Spring is in the air, and gardening season is here! Tending to our plants and watching them grow can be a wonderful way to connect with nature and beautify our homes. But for some of us, the excitement of gardening can be tempered with worry about the potential dangers it poses for our little ones and furry friends.
Are all those beautiful blooms and luscious fruits hiding toxic hazards? Should we fence off our gardens and keep our loved ones at bay? Fear not! With a little knowledge and some smart precautions, you can enjoy the pleasures of gardening without putting your family at risk.
1. Know Your Plants
The first step to keeping your garden safe is to understand the plants you’re growing. Some plants can cause mild irritation or upset stomachs if ingested but are generally safe. Others can be downright poisonous and pose a serious risk to children and pets.
Do your research and learn which plants to avoid, especially if you have curious toddlers or pets that love to nibble on grass and leaves. Common culprits include daffodils, azaleas, lilies, and oleander. Check the ASPCA website for a comprehensive list of plants toxic to pets, and the poison control center for advice on dealing with potential poisonings.
2. Create Safe Zones
Obviously, it’s not practical to keep your kids and pets out of the garden altogether, but you can create safe zones where they can play and relax without getting too close to potentially harmful plants. Consider creating a fenced-in area or a designated play space that’s separate from the garden.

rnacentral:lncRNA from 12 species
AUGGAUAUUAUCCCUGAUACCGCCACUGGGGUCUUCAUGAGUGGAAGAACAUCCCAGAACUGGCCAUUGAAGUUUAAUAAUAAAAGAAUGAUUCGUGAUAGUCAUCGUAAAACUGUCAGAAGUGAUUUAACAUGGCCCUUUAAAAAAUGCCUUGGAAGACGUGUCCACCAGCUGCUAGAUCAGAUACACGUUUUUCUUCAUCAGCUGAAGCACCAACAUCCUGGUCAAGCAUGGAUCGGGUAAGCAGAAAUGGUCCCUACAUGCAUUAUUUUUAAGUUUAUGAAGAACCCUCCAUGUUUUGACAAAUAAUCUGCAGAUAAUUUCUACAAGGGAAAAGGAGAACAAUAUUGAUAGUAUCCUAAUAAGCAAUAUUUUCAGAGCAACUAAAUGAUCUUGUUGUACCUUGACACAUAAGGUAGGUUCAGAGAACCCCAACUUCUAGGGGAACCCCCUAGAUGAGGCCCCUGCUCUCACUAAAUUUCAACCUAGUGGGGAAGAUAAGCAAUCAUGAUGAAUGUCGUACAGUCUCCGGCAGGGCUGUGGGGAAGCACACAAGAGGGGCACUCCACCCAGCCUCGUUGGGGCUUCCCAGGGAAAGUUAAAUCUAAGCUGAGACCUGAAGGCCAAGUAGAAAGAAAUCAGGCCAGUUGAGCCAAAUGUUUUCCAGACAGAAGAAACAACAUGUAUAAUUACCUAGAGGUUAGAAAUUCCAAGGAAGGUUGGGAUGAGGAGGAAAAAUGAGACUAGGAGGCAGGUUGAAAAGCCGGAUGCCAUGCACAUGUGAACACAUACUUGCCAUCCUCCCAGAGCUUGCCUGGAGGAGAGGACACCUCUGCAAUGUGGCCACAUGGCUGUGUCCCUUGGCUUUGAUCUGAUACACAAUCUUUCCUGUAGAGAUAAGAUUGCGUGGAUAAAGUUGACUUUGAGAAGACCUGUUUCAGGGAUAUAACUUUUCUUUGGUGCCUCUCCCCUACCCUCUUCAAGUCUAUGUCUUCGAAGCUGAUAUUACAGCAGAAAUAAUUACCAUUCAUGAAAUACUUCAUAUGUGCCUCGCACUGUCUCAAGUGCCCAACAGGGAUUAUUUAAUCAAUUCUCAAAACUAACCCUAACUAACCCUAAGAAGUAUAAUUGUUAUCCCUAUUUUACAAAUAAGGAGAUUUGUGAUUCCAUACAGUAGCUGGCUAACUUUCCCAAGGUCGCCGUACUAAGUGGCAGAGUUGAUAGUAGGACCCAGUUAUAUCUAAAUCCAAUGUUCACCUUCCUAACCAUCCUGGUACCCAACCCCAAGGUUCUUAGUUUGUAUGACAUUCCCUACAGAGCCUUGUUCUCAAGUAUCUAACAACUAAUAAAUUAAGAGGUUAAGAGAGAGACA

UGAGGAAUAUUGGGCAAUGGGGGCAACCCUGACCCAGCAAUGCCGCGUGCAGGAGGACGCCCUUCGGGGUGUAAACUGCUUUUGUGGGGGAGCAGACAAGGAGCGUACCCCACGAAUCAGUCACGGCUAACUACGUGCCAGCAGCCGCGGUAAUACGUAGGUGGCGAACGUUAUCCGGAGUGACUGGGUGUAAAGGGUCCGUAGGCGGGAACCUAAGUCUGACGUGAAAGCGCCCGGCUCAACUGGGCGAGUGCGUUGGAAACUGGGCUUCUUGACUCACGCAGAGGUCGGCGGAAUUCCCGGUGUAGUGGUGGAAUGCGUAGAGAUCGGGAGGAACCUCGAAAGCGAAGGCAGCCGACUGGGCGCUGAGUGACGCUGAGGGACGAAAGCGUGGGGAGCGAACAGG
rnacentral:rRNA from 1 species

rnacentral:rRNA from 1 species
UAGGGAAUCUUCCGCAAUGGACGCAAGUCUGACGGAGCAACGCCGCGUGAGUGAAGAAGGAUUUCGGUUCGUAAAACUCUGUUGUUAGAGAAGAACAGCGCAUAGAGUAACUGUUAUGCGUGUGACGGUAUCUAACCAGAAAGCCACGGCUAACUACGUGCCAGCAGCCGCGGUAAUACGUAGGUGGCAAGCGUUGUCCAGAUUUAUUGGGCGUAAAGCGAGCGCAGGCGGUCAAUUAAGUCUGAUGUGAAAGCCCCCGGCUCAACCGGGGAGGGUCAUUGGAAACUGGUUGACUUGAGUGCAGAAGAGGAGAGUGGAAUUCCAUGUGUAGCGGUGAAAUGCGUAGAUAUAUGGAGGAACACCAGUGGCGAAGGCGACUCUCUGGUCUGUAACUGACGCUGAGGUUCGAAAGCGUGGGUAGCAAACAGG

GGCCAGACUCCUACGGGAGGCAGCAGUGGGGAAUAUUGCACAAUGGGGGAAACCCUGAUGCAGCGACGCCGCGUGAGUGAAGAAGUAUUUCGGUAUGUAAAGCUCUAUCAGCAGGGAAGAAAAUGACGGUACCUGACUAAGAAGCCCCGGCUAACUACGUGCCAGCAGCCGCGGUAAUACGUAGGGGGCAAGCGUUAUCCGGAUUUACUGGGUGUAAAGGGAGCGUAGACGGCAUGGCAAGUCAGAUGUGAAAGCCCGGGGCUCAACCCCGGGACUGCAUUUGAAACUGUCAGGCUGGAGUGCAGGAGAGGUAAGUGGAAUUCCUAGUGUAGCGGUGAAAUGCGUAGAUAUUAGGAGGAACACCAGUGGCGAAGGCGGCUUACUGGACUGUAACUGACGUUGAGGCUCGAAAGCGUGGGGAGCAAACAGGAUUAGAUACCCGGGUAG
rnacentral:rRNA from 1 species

You can also use raised beds or containers for your plants, which can be easier to control and keep away from little hands and paws.
3. Keep Chemicals at Bay
Pesticides, herbicides, and fertilizers can be effective in keeping pests and weeds at bay, but they can also be hazardous to health if not used or stored properly. Make sure to read labels carefully and follow all instructions for use, including proper disposal of unused chemicals.
Store all chemicals out of reach of children and pets, and always wear protective clothing and gear when handling them.
4. Train Your Pets
Dogs and cats can be expert escape artists, so make sure they know the boundaries of your garden. Train them to stay away from plants or areas that are off-limits, and consider using deterrents like fences or sprays. Be especially careful with dogs that love to burrow or dig, as they can easily uproot plants or accidentally ingest dangerous bulbs and roots.
5. Be Prepared
Accidents happen, and it’s important to be prepared in case of poisoning or injury. Keep the poison control center number and your vet’s number on hand, along with a first-aid kit and any necessary antidotes for toxic plants. If you suspect your child or pet has ingested something harmful, don’t hesitate to seek medical attention.
The Bottom Line:
Gardening is a rewarding and enjoyable activity that can bring color and life to your home. By taking some simple precautions and being mindful of potential hazards, you can keep your garden safe for everyone in your family, including your furry friends.
So go ahead, dig in, and watch your garden grow!